Leibniz Institute of Neurobiology

Magdeburg, Germany

Leibniz Institute of Neurobiology

Magdeburg, Germany

Time filter

Source Type

Bose T.,Leibniz Institute of Neurobiology | Cieslar-Pobuda A.,Linköping University | Cieslar-Pobuda A.,Silesian University of Technology | Wiechec E.,Linköping University
Cell Death and Disease | Year: 2015

Ion channels are abundantly expressed in both excitable and non-excitable cells, thereby regulating the Ca2+ influx and downstream signaling pathways of physiological processes. The immune system is specialized in the process of cancer cell recognition and elimination, and is regulated by different ion channels. In comparison with the immune cells, ion channels behave differently in cancer cells by making the tumor cells more hyperpolarized and influence cancer cell proliferation and metastasis. Therefore, ion channels comprise an important therapeutic target in anti-cancer treatment. In this review, we discuss the implication of ion channels in regulation of Ca2+ homeostasis during the crosstalk between immune and cancer cell as well as their role in cancer progression. © 2015 Macmillan Publishers Limited. All rights reserved.


PubMed | Silesian University of Technology, Leibniz Institute of Neurobiology and Linköping University
Type: | Journal: Cell death & disease | Year: 2015

Ion channels are abundantly expressed in both excitable and non-excitable cells, thereby regulating the Ca(2+) influx and downstream signaling pathways of physiological processes. The immune system is specialized in the process of cancer cell recognition and elimination, and is regulated by different ion channels. In comparison with the immune cells, ion channels behave differently in cancer cells by making the tumor cells more hyperpolarized and influence cancer cell proliferation and metastasis. Therefore, ion channels comprise an important therapeutic target in anti-cancer treatment. In this review, we discuss the implication of ion channels in regulation of Ca(2+) homeostasis during the crosstalk between immune and cancer cell as well as their role in cancer progression.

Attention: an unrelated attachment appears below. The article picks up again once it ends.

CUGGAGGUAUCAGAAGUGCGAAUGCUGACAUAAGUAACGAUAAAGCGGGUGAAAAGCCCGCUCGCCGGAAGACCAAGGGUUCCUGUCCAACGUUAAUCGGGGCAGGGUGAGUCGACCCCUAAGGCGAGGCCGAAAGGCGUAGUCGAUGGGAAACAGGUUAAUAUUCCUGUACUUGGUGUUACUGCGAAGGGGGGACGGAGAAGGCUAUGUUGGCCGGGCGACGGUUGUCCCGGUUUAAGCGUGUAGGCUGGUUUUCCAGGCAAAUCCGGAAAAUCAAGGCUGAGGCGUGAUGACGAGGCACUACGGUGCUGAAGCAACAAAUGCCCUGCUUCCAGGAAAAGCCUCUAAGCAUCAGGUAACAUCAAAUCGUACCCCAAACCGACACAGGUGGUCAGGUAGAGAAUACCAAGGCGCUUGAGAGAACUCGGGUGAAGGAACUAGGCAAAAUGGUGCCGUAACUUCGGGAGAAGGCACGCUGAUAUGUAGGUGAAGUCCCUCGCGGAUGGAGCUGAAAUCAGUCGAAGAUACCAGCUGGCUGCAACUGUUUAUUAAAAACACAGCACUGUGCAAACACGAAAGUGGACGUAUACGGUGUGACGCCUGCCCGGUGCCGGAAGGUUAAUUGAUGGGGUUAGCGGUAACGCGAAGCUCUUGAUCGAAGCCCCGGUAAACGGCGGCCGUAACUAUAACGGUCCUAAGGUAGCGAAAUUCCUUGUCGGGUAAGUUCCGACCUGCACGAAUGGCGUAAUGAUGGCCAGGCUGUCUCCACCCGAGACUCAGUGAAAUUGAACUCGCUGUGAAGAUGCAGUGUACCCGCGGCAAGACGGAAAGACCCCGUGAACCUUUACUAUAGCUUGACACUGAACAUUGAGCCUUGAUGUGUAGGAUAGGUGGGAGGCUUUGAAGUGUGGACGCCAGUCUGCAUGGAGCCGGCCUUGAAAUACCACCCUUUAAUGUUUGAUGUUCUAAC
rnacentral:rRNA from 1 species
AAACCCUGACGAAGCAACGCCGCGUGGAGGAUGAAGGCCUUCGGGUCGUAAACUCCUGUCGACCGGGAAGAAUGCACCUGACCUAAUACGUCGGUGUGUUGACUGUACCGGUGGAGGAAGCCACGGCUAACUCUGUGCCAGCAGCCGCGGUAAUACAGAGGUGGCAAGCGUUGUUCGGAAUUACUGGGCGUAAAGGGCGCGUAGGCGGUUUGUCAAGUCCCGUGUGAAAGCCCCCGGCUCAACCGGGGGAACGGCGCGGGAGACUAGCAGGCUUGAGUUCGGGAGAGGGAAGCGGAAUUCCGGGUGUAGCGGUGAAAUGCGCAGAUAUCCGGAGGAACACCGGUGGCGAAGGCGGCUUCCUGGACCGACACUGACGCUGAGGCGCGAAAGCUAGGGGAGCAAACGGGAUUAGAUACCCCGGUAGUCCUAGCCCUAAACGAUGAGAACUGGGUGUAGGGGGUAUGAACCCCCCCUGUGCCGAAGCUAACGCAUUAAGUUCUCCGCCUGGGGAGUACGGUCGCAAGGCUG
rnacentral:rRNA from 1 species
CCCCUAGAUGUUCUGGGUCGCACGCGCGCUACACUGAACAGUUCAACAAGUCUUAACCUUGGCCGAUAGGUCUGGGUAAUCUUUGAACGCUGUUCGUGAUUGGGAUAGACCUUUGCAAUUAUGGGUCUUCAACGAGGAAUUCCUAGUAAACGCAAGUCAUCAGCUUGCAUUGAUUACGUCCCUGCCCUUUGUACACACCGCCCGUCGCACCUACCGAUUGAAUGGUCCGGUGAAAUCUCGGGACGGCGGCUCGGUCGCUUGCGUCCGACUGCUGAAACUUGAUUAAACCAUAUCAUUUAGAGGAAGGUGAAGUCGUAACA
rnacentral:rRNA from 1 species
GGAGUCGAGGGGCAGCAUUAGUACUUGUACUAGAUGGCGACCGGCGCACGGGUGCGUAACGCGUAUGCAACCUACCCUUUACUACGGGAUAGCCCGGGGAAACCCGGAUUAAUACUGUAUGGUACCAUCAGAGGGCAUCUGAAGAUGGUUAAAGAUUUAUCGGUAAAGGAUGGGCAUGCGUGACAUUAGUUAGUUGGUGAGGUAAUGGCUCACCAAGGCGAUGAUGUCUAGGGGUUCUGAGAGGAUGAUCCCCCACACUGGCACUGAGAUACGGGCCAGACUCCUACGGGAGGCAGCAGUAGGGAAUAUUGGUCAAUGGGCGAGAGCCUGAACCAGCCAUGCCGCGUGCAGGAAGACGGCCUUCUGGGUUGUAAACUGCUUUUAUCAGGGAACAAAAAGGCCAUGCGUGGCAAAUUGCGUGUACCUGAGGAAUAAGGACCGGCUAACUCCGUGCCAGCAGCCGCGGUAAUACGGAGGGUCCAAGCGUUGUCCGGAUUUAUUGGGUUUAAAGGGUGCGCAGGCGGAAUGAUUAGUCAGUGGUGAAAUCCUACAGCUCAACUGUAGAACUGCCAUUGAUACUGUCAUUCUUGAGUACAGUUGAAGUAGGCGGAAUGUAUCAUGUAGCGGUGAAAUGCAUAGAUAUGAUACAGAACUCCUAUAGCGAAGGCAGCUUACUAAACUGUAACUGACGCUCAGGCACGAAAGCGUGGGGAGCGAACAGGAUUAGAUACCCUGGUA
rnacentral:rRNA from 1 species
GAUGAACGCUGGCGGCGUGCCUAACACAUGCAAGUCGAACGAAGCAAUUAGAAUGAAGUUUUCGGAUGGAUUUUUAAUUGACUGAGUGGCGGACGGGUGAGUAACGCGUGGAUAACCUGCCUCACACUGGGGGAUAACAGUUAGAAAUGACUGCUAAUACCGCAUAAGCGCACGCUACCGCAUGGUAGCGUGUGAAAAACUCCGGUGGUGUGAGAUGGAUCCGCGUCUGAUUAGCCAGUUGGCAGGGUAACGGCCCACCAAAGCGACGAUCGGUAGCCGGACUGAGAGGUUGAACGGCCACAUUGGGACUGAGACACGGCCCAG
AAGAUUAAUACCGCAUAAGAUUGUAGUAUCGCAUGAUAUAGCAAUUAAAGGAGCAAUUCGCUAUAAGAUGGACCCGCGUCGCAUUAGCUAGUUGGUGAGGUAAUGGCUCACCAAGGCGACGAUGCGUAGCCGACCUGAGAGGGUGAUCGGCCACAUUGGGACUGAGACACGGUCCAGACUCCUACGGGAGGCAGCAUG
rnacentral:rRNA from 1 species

PubMed | Ludwig Maximilians University of Munich, Leibniz Institute of Neurobiology, Max Planck Institute of Neurobiology, University of Würzburg and Tohoku University
Type: Journal Article | Journal: PloS one | Year: 2015

Electric shock is a common stimulus for nociception-research and the most widely used reinforcement in aversive associative learning experiments. Yet, nothing is known about the mechanisms it recruits at the periphery. To help fill this gap, we undertook a genome-wide association analysis using 38 inbred Drosophila melanogaster strains, which avoided shock to varying extents. We identified 514 genes whose expression levels and/ or sequences co-varied with shock avoidance scores. We independently scrutinized 14 of these genes using mutants, validating the effect of 7 of them on shock avoidance. This emphasizes the value of our candidate gene list as a guide for follow-up research. In addition, by integrating our association results with external protein-protein interaction data we obtained a shock avoidance-associated network of 38 genes. Both this network and the original candidate list contained a substantial number of genes that affect mechanosensory bristles, which are hair-like organs distributed across the flys body. These results may point to a potential role for mechanosensory bristles in shock sensation. Thus, we not only provide a first list of candidate genes for shock avoidance, but also point to an interesting new hypothesis on nociceptive mechanisms.


Malatynska E.,Lilly Research Labs Lilly Corporate Center | Steinbusch H.W.M.,Maastricht University | Redkozubova O.,Russian Academy of Sciences | Bolkunov A.,Russian Academy of Sciences | And 5 more authors.
Experimental Gerontology | Year: 2012

The prevalence of depression increases with aging. We hypothesized that like humans, old animals exhibit anhedonic-like behavior, along with signs of behavioral despair. In rodents, anhedonia, a reduced sensitivity to reward, which is listed as a core feature of major depression in the DSM-IVR, can be measured by a decrease in intake of and preference for sweet solutions. Here, sucrose intake, forced swimming, immobility in the modified tail suspension test, novelty exploration, grooming, anxiety and locomotor activity were compared in naïve 3- and 18-month-old male C57BL/6 mice. The absolute amounts and the ratio of consumed 1% sucrose solution to water intake was significantly smaller in 18-month-old mice than in 3-month-old mice. The consumption of 5%-sucrose solution requiring high levels of drinking effort, novelty exploration in two setups and grooming behavior in the splash test were reduced in older animals. Analysis of other behaviors suggested that the above-mentioned signs of anhedonic-like traits were unlikely to be attributable to the potential effect of aging on metabolic needs for water, taste perception, motor capabilities or the induction of essential anxiety and neophobia. A 4-week treatment with the antidepressant imipramine (7. mg/kg/day) or dimebon, a compound with suggested neuroprotective proneurogenic properties (1. mg/kg/day) restored sucrose intake and preference in 18-month-old mice. Meanwhile, young and old mice showed no differences in the parameters of behavioral despair evaluated in the forced swim and modified tail suspension tests. Thus, the behavioral profile of aged mice parallels that of humans with elderly depression, in whom the symptoms of hedonic deficits typically outweigh affective disturbances. The assessment of anhedonic-like traits with the sucrose preference test in 18-month-old mice will be useful in preclinical studies of elderly depression. © 2012 Elsevier Inc.